Late season hunting is always hard, or at least harder than those magic days in October. The birds are educated and the dogs have to work through thinner, drier cover. You walk the same coverts, but the results are not the same.
My partner for this hunt was Charity. She’s my wife and one of the most dedicated “field agents” out there. One has fewer friends when the days get shorter and the walks get longer. You need these people if serious bird hunting is your game.
We set out on Christmas Eve with the Yule-tide hope of Sandhills pheasants. These are a different flock of bird. They are miles away of any cornfield. In fact, they have never seen a plowed acre. Nor have they ever dined on any plot of land disturbed by man. Food plots are foreign to them. These birds eke out a living on the edges of wetlands and fill their crops on the particulate matter of swamps, bugs and wild-sunflower seeds. While these birds are not robust by pheasant standards, they are wild. Very wild. They survive in a niche no sharp-tail would tolerate and no prairie chicken would accept. If one were to transverse the wilds of Eurasia their cousins would be waiting, but only briefly.
Our first push circumnavigated a popular duck hunting marsh in north-central Nebraska. I’ve sat in a duck blind here, only to have a rooster stalk me and cackle “good-morning”.
However, today they were sparse to the point of nonexistent. With Sam and Mae we covered every likely haunt with no results. Aside from some good dog work and a flush from a hen that was impressive in her strength and speed out of cattails that were thick as any mess you’ve ever seen or waded through, we got nothing but a good workout from this endeavor.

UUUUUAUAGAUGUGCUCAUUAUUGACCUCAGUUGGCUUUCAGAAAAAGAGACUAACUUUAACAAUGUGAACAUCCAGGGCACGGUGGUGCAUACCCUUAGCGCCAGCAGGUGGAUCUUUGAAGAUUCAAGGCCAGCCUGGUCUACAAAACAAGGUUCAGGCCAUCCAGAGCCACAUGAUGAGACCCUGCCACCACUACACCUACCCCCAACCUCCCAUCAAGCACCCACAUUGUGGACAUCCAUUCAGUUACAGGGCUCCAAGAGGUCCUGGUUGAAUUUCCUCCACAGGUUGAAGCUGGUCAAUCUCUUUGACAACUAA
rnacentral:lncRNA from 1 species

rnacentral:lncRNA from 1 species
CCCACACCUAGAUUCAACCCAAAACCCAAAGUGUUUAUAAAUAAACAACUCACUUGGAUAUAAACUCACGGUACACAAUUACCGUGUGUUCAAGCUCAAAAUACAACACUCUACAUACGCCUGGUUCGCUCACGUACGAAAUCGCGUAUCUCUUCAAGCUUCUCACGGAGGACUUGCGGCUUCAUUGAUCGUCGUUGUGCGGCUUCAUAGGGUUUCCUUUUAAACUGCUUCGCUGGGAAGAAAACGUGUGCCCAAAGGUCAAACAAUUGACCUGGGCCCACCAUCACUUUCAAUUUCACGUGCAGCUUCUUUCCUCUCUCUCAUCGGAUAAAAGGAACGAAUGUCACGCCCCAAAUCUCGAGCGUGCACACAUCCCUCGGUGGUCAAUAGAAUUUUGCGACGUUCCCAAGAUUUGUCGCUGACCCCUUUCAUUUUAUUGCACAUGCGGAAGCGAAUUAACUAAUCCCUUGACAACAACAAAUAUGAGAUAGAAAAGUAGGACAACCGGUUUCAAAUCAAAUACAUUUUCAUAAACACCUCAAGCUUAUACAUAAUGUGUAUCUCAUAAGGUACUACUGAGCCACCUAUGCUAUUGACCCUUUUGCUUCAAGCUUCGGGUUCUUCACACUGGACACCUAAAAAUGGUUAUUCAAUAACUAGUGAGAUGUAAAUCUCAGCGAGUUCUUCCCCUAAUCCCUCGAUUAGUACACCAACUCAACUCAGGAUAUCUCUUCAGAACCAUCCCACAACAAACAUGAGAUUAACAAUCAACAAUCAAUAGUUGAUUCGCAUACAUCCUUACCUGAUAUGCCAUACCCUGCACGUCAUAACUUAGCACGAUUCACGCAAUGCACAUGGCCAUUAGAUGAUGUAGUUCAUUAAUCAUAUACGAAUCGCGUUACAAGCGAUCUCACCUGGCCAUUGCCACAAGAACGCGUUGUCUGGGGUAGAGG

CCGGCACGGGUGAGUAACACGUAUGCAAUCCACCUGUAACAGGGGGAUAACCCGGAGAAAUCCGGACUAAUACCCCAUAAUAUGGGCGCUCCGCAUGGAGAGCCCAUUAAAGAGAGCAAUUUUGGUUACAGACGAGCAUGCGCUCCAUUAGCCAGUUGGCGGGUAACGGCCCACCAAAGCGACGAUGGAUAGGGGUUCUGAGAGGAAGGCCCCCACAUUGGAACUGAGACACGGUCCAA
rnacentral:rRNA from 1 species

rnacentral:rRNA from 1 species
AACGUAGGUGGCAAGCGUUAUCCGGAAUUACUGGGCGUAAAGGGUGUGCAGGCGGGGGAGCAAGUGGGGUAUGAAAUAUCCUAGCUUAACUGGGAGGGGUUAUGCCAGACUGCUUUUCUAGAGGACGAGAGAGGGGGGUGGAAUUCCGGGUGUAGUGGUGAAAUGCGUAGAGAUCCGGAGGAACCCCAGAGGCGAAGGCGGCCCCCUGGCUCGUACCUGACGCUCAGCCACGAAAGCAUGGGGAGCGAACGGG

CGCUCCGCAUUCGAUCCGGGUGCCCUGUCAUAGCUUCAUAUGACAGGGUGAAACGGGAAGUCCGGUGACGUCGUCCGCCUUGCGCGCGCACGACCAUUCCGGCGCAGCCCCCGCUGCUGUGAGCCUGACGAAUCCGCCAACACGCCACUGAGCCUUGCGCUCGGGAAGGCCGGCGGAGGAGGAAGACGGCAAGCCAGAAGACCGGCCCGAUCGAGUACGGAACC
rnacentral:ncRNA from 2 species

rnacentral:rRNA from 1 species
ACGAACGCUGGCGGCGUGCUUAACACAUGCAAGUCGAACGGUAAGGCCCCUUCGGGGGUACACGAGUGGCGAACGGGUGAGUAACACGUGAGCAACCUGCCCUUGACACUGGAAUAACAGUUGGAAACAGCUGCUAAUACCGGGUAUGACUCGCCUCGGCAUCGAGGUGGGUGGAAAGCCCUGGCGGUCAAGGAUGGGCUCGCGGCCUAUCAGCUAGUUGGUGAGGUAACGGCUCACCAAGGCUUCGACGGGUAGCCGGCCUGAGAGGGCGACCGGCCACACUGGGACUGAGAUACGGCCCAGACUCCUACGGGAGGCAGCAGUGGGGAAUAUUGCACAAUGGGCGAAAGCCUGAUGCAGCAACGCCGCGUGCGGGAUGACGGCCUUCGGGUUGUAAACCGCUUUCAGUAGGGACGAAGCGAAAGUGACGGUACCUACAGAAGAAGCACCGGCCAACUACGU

We moved on to another spot after crossing a frozen lake that, while populated by ice fishermen, was eerie. Moaning, popping ice is not fun to cross. But after walking 3 miles through semi-marsh, you take the most direct path to the truck if the opportunity presents itself.
Our next push was easy at first and very obvious. A strip of willows through a frozen marsh, with hawks cruising the area, can only mean birds. We dropped all four dogs. They pushed to the west and as we approached the edge of the frozen lake this slough fed, birds began to break. At first it was two hens, but then a rooster broke cover. He cleared us, but his friend wasn’t so lucky. Rooster #1 sailed a quarter mile away. His partner was stopped cold by a load of steel 4’s. After the retrieve, Charity and I swung the line by 180 degrees and followed the first legal bird of the day. This time the wind was at our backs, so the dogs had to shift their game. The ranged out and worked back to us through the thigh high sedges and cattails. We pushed a half mile, but this bird was not to be shot. He broke and sailed onto a private piece of ground.
Christmas afternoon we returned to the same spot, but decided to hit the dunes for grouse.
Over two hours we covered four miles, saw deer and a coyote, but no birds presented themselves. It was a beautiful afternoon. Clear skies and 50 degrees days in late December can’t be ignored.
Hard hunting is what it is.